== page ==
Code Explorer – Globals
This page provides a detailed description of the Globals view of Solution Explorer.
The Globals View of Code Explorer displays various information about the C/C++ symbols from the entire solution. The symbols can be displayed either as a list (1) or a tree (2).The following controls can be used to customize the view:
- The Show Favorites Only button (3) can restrict the view to symbols marked as favorite (8) via any of the Code Explorer views.
- The Details button (4) allows showing or hiding the Details view
- The Settings button (5) allows customizing various settings
- The Type filters (6) allow restricting the view to the specific types of symbols (e.g. only virtual methods)
- The Filter box (7) allows quickly locating the items that contain the entered string. Press Enter in the filter box to quickly expand paths to all matching nodes.
You can use the Type filters to only show the symbols of the selected types:Note that holding Shift while clicking on a filter automatically disables all other filters.
The Details view is shown in a separate dockable window (see Outline Details). It provides detailed information about the currently selected Code Explorer entity (1). You can also hold Shift or Ctrl to select multiple entities at the same time.The Details view can be customized to show all relations, or specific relations only (2), filtered by entity name, and configured (3) to display the fully qualified names of the entities, function argument types, and template arguments. You can also control whether the top-level detail nodes are expanded by default. The Load One Level button (5) allows quickly loading details for all unexpanded nodes:You can use it to select a particular entity in Code Explorer (1), quickly pick the desired relation type (2), expand it multiple times until all the nodes have been loaded (3) and quickly copy the found relations to Clipboard.
The Globals view in Code Explorer allows configuring the following settings:
|Setting||When enabled||When disabled|
|Show window on startup||The Code Explorer window will automatically appear when loading VisualGDB-based projects.||The Code Explorer will only appear when opened via View->VisualGDB Code Explorer.|
|Update symbols when the source code is changed||Changing a source code and clicking on Code Explorer will automatically rebuild the symbol cache. This may take considerable time if a commonly used header file was modified.||Changing a source file and going back to Code Explorer will display the outdated information from the previous cache. Code Explorer will show a warning that the cache is out of date.|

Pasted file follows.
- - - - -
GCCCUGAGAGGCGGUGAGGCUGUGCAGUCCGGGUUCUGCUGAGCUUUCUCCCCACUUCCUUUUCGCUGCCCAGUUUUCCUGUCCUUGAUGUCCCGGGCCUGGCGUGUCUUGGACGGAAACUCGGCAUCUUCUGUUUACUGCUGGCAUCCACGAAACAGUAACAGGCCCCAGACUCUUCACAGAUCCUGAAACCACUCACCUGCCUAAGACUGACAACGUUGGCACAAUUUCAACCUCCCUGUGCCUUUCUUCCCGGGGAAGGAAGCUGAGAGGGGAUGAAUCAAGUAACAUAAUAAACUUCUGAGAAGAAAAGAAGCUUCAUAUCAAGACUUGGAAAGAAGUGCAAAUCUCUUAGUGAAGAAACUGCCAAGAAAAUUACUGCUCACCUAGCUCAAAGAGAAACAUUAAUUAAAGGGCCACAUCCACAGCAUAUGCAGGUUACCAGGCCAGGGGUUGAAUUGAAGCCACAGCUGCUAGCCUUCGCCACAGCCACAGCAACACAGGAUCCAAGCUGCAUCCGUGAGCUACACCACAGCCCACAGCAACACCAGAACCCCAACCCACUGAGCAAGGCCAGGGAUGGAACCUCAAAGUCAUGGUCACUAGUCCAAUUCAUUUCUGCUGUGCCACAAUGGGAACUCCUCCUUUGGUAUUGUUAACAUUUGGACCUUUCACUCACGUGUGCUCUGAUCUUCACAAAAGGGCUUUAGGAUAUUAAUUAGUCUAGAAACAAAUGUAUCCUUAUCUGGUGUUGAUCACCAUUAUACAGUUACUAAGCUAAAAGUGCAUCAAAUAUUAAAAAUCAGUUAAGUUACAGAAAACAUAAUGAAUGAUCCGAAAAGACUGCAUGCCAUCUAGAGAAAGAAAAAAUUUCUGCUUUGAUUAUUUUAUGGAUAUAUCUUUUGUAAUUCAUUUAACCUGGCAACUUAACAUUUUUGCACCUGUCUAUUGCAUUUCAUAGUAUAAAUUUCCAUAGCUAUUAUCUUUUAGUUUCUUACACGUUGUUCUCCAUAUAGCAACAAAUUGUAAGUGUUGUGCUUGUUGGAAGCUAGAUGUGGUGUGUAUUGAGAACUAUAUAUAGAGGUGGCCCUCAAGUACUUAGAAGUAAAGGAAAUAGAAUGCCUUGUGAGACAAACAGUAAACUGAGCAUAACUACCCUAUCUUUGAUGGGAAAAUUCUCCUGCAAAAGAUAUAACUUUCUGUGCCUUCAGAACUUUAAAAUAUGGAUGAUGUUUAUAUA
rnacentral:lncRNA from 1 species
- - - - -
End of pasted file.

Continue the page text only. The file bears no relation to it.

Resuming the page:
|Show symbols without definition||Functions/classes that are declared, but not defined in the code (e.g. _exit()) will be shown.||Only functions/classes that have definitions/implementations in the code will appear in the symbol list.|
|Skip function arguments when applying filter||E.g. “sum(int, int)” will not match the “int” filter||E.g. “sum(int, int)” will match the “int” filter|
|Show function arguments||E.g. “sum(int, int)” will be shown as “sum(int, int)”||E.g. “sum(int, int)” will be shown as “sum()”|
|Show entity qualifiers||Classes, structures, unions, static/virtual methods, namespaces and typedefs will be prefixed by the corresponding keyword.||Only const methods, will be shown with a special keyword.|
You can also find an automatically updated detailed list of VisualGDB settings on this page.
Because different template specializations can behave completely differently, VisualGDB tracks the relations for each specialization separately. E.g. searching for incoming calls to the constructor of std::vector (1) will show the discovered calls for each specialization (2) separately: Note that in order to meaningfully distinguish different specializations, you would need to enable to specialization display (4) in the Details view. Enabling scope display (3) is recommended to understand the scope of the discovered callers.
You can quickly reveal the entire call tree by repeatedly using the Load One Level button (5). It works reasonably fast. E.g. searching the entire CMake code base (~64K symbols) for incoming calls to 1000 different methods only takes about a second. You can then quickly navigate the results using the Filter view, or export them to Clipboard using the Copy All context menu command.